Redmond-based software giant Microsoft has reportedly banned from the Windows Phone Marketplace a series of applications developed under open-source license, as it changed the terms and conditions in its Application Provider Agreement for the application store.
The company indeed removed some of these apps from the application storefront, but left others untouched, and suggests that more might be allowed back in the near future.
“The Windows Phone Marketplace supports several open source licenses, including BSD, MIT, Apache Software License 2.0, MS-PL and other similar permissive licenses,” a Microsoft spokesperson explained, a recent article on ZDNet reports.
“We revise our Application Provider Agreement from time to time based on customer and developer feedback, and we are exploring the possibility of modifying it to accommodate additional open source-based applications in upcoming revisions,” the spokesperson continued.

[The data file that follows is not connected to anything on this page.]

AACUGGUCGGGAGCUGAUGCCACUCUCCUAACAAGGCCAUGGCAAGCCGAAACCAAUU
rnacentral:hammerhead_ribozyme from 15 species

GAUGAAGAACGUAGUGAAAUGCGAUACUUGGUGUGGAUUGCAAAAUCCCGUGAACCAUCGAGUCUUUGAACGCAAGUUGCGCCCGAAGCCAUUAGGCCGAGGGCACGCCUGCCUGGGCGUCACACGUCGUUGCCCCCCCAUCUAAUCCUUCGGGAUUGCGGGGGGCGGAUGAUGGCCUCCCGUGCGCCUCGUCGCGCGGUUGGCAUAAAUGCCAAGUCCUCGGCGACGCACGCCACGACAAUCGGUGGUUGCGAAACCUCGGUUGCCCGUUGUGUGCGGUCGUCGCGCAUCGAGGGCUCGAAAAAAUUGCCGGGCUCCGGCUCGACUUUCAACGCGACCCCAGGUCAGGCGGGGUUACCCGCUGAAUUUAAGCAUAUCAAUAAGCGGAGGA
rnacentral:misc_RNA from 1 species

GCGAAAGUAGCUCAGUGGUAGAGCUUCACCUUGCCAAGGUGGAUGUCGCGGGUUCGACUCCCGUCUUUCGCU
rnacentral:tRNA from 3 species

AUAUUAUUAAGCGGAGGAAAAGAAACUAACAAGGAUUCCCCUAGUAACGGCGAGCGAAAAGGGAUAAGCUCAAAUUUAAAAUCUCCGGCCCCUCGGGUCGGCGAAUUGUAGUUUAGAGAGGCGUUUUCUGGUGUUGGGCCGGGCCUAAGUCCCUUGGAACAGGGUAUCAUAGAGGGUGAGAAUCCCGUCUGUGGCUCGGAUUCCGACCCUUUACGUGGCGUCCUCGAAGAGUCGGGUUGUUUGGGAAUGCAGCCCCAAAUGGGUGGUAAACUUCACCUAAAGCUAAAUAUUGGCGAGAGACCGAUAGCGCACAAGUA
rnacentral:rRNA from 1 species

As Red Hat evangelist Jan Wildeboer shows, Microsoft notes in the aforementioned Application Provider Agreement that “software, documentation, or other materials” that “are governed by or subject to an Excluded License” are not allowed in the Marketplace.
The said document continues:
Excluded Licenses include, but are not limited to the GPLv3 Licenses. For the purpose of this definition, “GPLv3 Licenses” means the GNU General Public License version 3, the GNU Affero General Public License version 3, the GNU Lesser General Public License version 3, and any equivalents to the foregoing.
Apparently, the Redmond giant is not focused on removing all open-source and free applications from its Windows Phone Marketplace, but it would allow only some of them in the storefront, based on user feedback.
This means that the company might soon add some more software of the kind to the app store, though it remains to be seen when that would happen, and under which conditions. For the time being, most of the apps under open-source license are banned from the Marketplace.
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